Though it would be decades before their next legendary stand, native people — and their traditions — were here to stay.
Standing Rock (2016)
When news hit this past July that construction of the Dakota Access Pipeline through sacred burial grounds and under the Missouri River would soon begin, Standing Rock tribal member LaDonna Brave Bull Allard (Lakota) did what any modern organizer would do — she shot a short video on her iPhone asking people to join the small Sacred Stone protest camp and posted it on Facebook.
What would happen next at Standing Rock — where Sitting Bull took his last breath over 125 years earlier — was anybody’s guess.
But the people came. And they kept coming. One protest camp soon turned into three (Sacred Stone, Oceti Sakowin and Rosebud), and water protectors, supplies and donations flooded in. By fall, Oceti Sakowin alone had more than 7,000 people, and the flags of more than 300 Indian nations lined its roads.
Fueled by social media, the movement extended far beyond camp boundaries. Allies across the nation have, for months, been participating in #NoDAPL demonstrations, donating funds and supplies, boycotting banks funding the pipeline, and educating friends and families about what’s at stake at Standing Rock.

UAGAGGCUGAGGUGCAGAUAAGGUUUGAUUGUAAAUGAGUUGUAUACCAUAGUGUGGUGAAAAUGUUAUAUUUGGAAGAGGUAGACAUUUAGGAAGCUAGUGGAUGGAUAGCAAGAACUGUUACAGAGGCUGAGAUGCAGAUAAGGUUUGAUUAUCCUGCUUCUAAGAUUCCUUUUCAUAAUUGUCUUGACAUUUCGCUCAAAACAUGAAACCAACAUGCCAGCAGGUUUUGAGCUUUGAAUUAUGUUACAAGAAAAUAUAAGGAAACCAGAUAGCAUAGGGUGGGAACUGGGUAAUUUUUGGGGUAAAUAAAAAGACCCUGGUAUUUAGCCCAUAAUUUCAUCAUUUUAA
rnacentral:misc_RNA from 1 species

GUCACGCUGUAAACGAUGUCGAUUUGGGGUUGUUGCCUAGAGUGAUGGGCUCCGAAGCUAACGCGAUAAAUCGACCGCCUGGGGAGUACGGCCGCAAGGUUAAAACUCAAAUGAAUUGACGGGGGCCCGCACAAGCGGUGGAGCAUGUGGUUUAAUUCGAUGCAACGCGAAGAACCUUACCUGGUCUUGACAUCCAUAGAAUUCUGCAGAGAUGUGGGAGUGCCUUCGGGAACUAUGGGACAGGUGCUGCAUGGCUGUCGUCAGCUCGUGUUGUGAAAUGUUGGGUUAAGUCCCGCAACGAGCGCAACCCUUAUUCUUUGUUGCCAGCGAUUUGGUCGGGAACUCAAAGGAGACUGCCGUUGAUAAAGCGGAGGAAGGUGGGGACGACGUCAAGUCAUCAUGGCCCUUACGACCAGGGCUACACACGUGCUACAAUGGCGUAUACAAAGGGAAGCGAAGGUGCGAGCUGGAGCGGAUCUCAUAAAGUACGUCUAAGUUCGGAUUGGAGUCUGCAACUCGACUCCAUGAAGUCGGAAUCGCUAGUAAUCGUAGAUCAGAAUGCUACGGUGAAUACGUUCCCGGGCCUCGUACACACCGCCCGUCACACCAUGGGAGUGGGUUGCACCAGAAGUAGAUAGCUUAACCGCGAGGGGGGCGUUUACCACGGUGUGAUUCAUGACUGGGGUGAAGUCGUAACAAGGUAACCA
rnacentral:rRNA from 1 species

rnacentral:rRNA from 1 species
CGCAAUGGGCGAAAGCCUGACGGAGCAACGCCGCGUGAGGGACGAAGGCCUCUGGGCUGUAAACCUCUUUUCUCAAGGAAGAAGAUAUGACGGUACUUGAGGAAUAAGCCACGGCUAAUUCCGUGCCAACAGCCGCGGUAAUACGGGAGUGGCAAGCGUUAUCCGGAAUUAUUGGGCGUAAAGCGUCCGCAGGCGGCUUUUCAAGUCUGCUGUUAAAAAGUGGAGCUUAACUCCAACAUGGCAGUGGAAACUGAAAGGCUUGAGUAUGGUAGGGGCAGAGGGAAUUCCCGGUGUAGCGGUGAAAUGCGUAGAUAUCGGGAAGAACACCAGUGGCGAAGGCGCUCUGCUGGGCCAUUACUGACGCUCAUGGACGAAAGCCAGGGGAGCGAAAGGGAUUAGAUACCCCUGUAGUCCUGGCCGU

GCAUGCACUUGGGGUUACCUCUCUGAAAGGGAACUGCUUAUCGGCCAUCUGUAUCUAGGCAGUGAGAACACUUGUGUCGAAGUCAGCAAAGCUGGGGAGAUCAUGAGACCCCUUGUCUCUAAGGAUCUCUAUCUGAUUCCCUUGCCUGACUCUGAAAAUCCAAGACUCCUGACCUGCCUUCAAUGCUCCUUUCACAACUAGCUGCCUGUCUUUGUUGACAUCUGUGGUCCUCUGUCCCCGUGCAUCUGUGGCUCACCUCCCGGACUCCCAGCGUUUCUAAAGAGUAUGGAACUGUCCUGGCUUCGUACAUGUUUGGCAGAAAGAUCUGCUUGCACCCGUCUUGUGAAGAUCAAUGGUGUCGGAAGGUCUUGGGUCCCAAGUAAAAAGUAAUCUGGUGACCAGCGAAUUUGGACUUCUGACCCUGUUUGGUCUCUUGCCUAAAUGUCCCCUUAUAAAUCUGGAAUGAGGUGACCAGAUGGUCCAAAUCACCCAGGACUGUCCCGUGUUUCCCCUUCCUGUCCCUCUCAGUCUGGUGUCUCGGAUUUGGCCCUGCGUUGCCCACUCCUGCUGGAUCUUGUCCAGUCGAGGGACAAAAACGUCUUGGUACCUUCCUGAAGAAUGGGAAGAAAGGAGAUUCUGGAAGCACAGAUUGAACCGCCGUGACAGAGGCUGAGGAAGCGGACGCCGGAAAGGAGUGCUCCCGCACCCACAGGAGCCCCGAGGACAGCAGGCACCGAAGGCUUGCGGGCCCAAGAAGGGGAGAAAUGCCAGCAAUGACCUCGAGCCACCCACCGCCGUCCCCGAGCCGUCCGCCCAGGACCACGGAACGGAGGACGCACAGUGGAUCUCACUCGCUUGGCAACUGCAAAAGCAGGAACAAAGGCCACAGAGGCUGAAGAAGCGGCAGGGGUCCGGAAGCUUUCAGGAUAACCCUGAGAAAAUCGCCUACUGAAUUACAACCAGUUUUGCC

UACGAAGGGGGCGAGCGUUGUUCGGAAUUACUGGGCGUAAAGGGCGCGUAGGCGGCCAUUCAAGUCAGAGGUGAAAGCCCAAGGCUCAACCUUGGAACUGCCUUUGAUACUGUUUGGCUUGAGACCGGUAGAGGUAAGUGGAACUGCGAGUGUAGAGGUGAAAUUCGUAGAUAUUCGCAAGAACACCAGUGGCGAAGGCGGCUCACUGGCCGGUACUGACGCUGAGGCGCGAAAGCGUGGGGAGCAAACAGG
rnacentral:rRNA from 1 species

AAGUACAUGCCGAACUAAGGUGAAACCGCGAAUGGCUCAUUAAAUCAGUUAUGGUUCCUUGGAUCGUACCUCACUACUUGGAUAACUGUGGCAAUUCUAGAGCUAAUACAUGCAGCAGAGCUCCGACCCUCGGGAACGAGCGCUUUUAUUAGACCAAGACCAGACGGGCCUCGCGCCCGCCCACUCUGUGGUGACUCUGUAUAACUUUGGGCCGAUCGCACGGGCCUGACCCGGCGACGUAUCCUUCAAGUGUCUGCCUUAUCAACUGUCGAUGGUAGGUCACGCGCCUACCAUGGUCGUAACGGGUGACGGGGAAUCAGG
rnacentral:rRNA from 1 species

Drawing both inspiration and lessons from the past, peacefulness and prayer lie at the heart of this occupation — even in the face of militarized security forces, attack dogs, tear gas, water cannons, rubber bullets and concussion grenades. (It has been reported that the Standing Rock Tribal Council voted unanimously to oust a fourth protest camp, Red Warrior, for engaging in destructive tactics.)
Planet Expert Dr. Erica Wohldmann traveled to Standing Rock and saw it firsthand. Every protest action she witnessed — for example, a human roadblock designed to prevent the advancement of drilling equipment — was preceded by fireside prayer and succeeded by a ceremony welcoming each participant back into the community circle.
She was inspired to see the leadership torch being passed down from the elders to the youth council — a particularly poignant observation given that it was today’s elders who established the Red Power movement in their own youth more than 45 years ago.
And they could not be more pleased with their legacy. As AIM founder Clyde Bellecourt told the BBC, “I am 80 years old. I’ve been jailed, I’ve been shot. This is the most beautiful thing I have ever seen. This is what I fought for.”
Their perseverance has paid off. In a landmark victory on December 4, 2016, the U.S. Army Corps of Engineers denied the easement necessary to complete construction of the Dakota Access Pipeline.
While the fight is far from over — the next battle will be waged in federal district court in February 2017 once Trump’s fossil fuel friendly administration takes office — the Standing Rock Sioux and their supporters are more emboldened than ever.
Sitting Bull would be proud.
To learn more about the U.S. Army Corps of Engineers’ December 4 decision and the legal, procedural and political aftermath, read Digging Deeper Into DAPL After Last Week’s Double Whammy.